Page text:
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From bounce-aanews=brownh=hartford-hwp.com@zip.mail-list.com Thu Feb 7 16:00:07 2002
Subject: AANEWS for Thursday, February 7, 2001
Date: Thu, 7 Feb 2002 14:56:33 -0500
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From: owner-aanews@atheists.org
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Compromise reached on faith-based funding scheme—Sandorum, Lieberman run point for public subsidies for religion

American Atheists, #1001, 7 February 2002

The White House and Senate conferees today unveiled a compromise version of President Bush's controversial faith-based initiative which calls for indirect funding of religious programs, and a series of tax incentives to encourage private giving.

The measure follows a series of meetings between administration officials, the White House Office of Faith-based and Community Initiatives, along with Pennsylvania Republican Sen. Rick Santorum and Sen. Joseph Lieberman, Connecticut Democrat.

We've reached an agreement, gushed Dan Gerstein, a spokesman for Lieberman's office.

We have a bill that we feel very good about and that we believe will have overwhelming support and that has stayed away from some flash point issues, declared Sen. Santorum.

The measure is known as CARE, the Charity Aid, Recovery and Empowerment Act of 2002. Explicitly, it claims to avoid the constitutional pitfalls of Bush's original faith-based initiative that called for direct government funding of religious groups involved in the operation of social services. CARE would use tax incentives to encourage private and corporate giving to charitable agencies and establish new programs to promote savings for low-income families.

Less talked about, though, are parts of the measure for back door funding of religion-based social programs, warned American Atheists President Ellen Johnson. She pointed to sections of the act which would fund government technical assistance for service providers that do more good works, efforts to remove unfair barriers facing faith-based groups in competing fairly for federal aid, and vague references to additional federal funding for essential social service programs.

This legislation promises one thing, but does another, said Johnson. It doesn't rely exclusively on 'voluntary' private or corporate contributions, but includes ways for government to provide indirect support and second-party funding of religious programs.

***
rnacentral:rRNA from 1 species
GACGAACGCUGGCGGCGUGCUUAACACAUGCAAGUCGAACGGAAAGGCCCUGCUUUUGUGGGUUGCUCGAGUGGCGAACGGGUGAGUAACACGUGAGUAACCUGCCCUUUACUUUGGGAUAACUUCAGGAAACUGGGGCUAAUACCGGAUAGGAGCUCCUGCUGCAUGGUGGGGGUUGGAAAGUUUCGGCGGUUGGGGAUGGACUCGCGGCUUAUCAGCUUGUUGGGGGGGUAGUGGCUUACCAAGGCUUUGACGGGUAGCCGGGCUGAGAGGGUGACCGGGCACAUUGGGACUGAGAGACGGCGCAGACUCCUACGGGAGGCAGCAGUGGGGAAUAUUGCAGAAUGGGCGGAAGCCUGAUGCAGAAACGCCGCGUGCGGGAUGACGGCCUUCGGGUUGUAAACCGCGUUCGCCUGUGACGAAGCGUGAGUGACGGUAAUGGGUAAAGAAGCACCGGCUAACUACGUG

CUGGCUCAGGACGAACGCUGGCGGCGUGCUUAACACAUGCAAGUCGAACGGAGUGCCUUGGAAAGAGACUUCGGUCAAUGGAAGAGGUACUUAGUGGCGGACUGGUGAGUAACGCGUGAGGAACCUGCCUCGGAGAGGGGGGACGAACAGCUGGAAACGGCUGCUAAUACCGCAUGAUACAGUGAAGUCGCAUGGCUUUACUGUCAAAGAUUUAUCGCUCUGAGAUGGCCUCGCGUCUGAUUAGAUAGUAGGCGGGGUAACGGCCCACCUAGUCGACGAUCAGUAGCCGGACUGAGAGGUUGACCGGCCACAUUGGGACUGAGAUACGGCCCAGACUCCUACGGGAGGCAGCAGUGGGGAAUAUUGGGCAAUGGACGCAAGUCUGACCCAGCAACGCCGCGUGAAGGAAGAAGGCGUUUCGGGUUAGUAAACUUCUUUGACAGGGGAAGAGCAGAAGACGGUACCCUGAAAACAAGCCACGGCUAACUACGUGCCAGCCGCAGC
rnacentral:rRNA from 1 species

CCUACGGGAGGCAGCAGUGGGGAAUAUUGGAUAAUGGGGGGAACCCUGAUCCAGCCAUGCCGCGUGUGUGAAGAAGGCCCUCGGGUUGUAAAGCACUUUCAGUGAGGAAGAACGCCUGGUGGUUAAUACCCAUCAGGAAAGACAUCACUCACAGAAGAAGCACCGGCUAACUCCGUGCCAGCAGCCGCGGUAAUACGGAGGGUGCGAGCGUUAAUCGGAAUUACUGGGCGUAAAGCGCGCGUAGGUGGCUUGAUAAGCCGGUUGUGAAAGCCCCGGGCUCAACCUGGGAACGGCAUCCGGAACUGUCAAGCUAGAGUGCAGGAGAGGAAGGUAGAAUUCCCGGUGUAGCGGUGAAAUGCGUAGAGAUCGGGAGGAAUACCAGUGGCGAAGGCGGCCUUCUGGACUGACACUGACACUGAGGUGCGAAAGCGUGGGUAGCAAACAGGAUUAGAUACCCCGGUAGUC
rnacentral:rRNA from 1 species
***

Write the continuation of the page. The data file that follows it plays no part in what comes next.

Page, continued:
The CARE bill is littered with objectionable and unconstitutional provisions, said Johnson.

The summary from Lieberman's office does not say how SSBG works. In practice, this program allows federal funds to trickle down to state and even local agencies who then launder the money by handing it over to faith-based groups. Traditionally, there have been few if any controls over what happens to the money at that point.

There's usually a perfunctory review by officials who 'sign off' on any constitutional concerns, warned Johnson. It's the 'honor system' from the on, as far as how religious groups set up their programs and spend the money.

Johnson warned that the trickle down system of funding has been in place for nearly twenty years, and that there is no active oversight or monitoring in place to police recipients.

Taxpayer Costs: Up Front & Hidden

Incredibly, Santorum and Lieberman are proposing their compromise legislation even while admitting, There are no official estimates yet on the total cost of the bill ... But it is expected to come out in the neighborhood of $11 billion to $13 billion.

Somewhere in the figures are the $1.1 billion inflation of the Block Grant programs, and the Compassion Capital Fund at $150 million.

The statement from Lieberman's office grumbles: The war and the recession have put severe constraints on the Federal budget, leaving little room for major new initiatives...

Compromise Or Sneak Attack On The First Amendment?

CARE is already being touted as a compromise with earlier legislation to fund President Bush's faith-based initiate. H.R. 7, the Community Solutions Act passed last year by the House of Representatives, would have taken a more aggressive approach to funding religious charities and social programs, and made available nearly $47 billion in federal departmental budgets for bidding by houses of worship. This bill, however, is more modest in scope -- especially with the budget surplus now turning into a fiscal deficit.

Problems remain, however. The CARE bill permits faith-based groups to blatantly display their religious icons and engage in other promotion of their sectarian messages. It also seeks to circumvent concerns about funding of religion-based programs through trickle down mechanisms like the SSBG.

We can't trust this legislation, warned Ellen Johnson. It continues funding through SSBG and other 'block grant' schemes that launder federal tax money and then have it distributed to religious service providers -- and that's unacceptable.

Rep. J.C. Watts (R-Oklahoma), author of the Community Solutions Act told Reuters news service this morning that he wants to see more details of the bill before making any judgment on whether to support the measure.

For further information:

http://www.atheists.org/flash.line/faithlob.htm (Background on the faith-based initiative and charitable choice)

http://www.atheists.org/flash.line/faith39.htm (Despite glitz, 'Common Ground report' on faith-based initiative falls short, 1/24/02)

http://www.atheists.org/flash.line/faith38.htm (Lieberman calls for public funds to repair 'historic' churches, 12/27/01)

http://www.atheists.org/flash.line/faith37.htm (More mixed signals on Bush faith-based plan, 12/8/01)

http://www.atheists.org/flash.line/faith34.htm (Good God! Faith-based scams proliferate, 8/13/01)

http://www.atheists.org/flash.line/faith33.htm (Last minute sadd on for faith-based funding: $47 billion, 8/7/01)